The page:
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A story of a 22+ hours interview process


At one point in the last few years, I had what appeared to be an amazing opportunity with one of the big companies of an industry. Over a month and a half later, I regretted ever contacting them, having had wasted at least 22 hours in the interview process.
I will not mention the company and I will try to generalize the code challenge, because the company does not really matter, the experience and reflection does, and it is likely that the company still uses the same hiring process.

The interview process

The summary of the process was as follows:

  1. First, an initial screening interview of around 30 minutes to 1 hour.
  2. Then, I was sent a coding test.
  3. And finally, I had a 4 hours long interview that consisted of 3 or 4 interviews.

The screening interview was similar to most other screening interviews I had, so I will skip it and focus on the interesting parts of the parts 2 and 3 of the process, and the overall process.

The coding test

After passing the screening round, I was sent a code challenge that I had to complete within one week of receiving it. I have had similar rounds in the past, so it did not surprise me at first. This one, however, was by far the longest challenge I have ever seen! The test was like this:

  • Implement the requirements by creating a UI (I chose Angular) and a back-end (ASP.NET Core).
  • There were a total of 9 functional requirements. Each of those requirements consisted in at least one UI page/component and one back-end endpoint. There were also 2 non-functional requirements, but those were not interesting.
  • Some of those functional requirements were "optional", whatever that means for an interview.
  • The workflow (how I went through the requirements and the solution) had to be written down in a Markdown README file.
  • The only thing I had to begin working was an ASP.NET Core solution with a database and a repository service with methods to get data from the database.

Writing the solution to the test

This part of the interview process took me as much as 18 hours to complete. Why? Let's go through the requirements:

  • The backend requirements were simple endpoints in ASP.NET Core, so in total it was only a couple of hours to get all those endpoints done.
  • The biggest part of the 18 hours were spent on the UI, as I had to create an Angular app from scratch. This means:
    • Create the project, decide on an architecture (I used NgRx), 'choose' an UI approach (I used Angular Material for faster styling), but also decide on how I was going to present the UI/UX.
    • I also had to take the time to see a few of the company's products to "create something akin to their UI/UX" (meaning: similar structures, similar colours, etc).
    • Adding log-in and supporting authenticated routes (only /login was open to anonymous users).
    • I ended up with as many as 11 components and 4 separate stores.
    • Probably the most time-consuming (set of) component was a list that displayed products with images and some metadata like the name. I took the time to do it similarly to what the company does in their main product.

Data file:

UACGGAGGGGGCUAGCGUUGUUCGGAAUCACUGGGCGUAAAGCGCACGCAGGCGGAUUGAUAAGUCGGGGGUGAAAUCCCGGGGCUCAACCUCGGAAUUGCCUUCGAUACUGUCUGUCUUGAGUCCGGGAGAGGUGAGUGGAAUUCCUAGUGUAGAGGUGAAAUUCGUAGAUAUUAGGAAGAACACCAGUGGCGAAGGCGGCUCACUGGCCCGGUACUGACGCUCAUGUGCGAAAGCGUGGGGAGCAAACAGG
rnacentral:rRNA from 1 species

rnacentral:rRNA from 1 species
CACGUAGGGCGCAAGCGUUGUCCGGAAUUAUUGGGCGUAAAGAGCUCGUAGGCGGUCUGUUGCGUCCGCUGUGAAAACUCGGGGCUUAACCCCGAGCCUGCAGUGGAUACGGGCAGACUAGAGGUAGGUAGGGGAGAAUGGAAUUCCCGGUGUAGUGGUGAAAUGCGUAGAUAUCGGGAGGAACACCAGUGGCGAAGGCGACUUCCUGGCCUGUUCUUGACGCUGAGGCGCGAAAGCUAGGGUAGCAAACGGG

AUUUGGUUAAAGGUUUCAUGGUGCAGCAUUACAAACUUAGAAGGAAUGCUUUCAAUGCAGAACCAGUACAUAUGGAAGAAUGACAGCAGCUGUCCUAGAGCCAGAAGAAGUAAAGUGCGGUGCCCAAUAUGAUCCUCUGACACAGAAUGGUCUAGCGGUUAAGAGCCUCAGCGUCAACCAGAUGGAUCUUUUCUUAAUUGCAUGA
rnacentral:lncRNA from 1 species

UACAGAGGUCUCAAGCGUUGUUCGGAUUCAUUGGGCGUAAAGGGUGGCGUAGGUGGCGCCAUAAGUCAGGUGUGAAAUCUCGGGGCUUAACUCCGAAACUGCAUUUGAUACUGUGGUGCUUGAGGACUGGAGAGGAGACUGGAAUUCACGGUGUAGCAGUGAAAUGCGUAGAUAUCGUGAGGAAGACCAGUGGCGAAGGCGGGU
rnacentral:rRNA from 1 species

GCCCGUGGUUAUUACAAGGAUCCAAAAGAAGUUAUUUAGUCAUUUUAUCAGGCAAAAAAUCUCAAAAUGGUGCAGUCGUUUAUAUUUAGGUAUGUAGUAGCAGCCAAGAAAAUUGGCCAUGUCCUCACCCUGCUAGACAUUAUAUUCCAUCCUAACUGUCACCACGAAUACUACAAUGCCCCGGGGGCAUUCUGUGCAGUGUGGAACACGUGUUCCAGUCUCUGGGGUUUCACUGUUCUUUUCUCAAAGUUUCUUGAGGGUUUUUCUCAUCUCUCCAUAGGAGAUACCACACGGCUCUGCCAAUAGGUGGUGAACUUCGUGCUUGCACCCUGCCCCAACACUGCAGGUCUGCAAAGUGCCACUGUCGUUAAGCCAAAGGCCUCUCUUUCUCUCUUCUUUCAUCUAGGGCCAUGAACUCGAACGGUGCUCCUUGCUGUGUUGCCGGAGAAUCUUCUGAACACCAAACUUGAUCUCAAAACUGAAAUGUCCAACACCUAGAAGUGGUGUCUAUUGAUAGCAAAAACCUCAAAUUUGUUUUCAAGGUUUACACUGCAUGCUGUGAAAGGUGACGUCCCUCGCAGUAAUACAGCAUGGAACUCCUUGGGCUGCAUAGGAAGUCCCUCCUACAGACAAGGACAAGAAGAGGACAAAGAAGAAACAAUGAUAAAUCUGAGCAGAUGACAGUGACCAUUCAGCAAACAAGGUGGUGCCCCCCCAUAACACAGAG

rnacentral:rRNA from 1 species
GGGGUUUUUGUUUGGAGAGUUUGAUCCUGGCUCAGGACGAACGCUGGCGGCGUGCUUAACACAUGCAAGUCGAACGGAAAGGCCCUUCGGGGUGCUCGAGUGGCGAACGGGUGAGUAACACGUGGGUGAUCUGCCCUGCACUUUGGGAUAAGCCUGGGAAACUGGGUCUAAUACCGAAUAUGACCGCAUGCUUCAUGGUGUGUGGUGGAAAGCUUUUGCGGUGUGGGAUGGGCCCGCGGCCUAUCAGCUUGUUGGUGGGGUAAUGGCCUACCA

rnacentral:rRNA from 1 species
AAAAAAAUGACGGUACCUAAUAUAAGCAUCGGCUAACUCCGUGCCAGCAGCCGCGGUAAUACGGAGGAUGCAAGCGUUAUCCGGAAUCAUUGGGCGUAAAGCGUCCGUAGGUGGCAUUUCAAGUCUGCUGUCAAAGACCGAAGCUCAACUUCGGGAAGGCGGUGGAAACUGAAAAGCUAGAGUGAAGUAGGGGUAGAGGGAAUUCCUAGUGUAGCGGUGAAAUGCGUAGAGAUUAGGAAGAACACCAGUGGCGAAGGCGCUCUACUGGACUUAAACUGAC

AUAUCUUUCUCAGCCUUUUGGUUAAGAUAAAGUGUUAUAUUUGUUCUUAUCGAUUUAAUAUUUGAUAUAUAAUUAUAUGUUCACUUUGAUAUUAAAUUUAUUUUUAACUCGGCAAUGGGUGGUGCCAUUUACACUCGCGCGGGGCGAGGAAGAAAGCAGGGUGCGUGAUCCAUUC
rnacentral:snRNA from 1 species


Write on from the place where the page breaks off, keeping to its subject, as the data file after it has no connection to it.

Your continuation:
• I mentioned before that I had to document the workflow when developing the solution, and the way I did this was to have a private GitHub repository, with an issue for each requirement. I had a total of 21 issues, 23 pull requests, and 61 commits. My hope was that the company would request access to the GitHub repository (which I suggested), so each commit and PR had an appropriate description - akin to what I would do at work.

All in all, that was a lot to do, especially considering that I did all that in a single weekend.

After I sent back the coding test

I was surprised that after such a long coding test, I was called for a 4-hours long interview, which consisted of multiple parts. I won't give too many details here, again just to protect the (yes, flawed) interview process of that company. Of interest, however, is the fact that they were not interested in looking at the private GitHub project I had made, and I had several technical rounds.

After the interview, however, I was surprised even more. I was told that both the hiring manager and the project manager were going on a 4-weeks long holiday, and I had to wait for those 4 weeks to get an answer.. In my mind, I was sure that I had the job and that they just needed to formalize it and the managers needed to be in the office for that. Needless to say, I was wrong.
I was sent a quick email saying that the company had chosen another candidate because "they had more experience with JavaScript". Should I mention this was for a full-stack position?

TL; DR: Between the initial interview, the technical screening, the coding test and the final interview (plus emails, etc), I had spent over 22 hours in the interview process.


Believe it or not, I learned a lot from that interview process:

  • How to set up an Angular + Angular Material + NgRx project - I had never done this entirely from scratch.
  • That companies don't value the candidates' time, and so that interview processes should not be so long.

After this process, I decided not to accept interview processes that take more than 5 hours. It stands to reason that if FAANG companies have "long processes" that take around 5 hours, smaller companies most certainly do not need more than that time. Furthermore, I have been in and seen very few processes that require that amount of time from a candidate.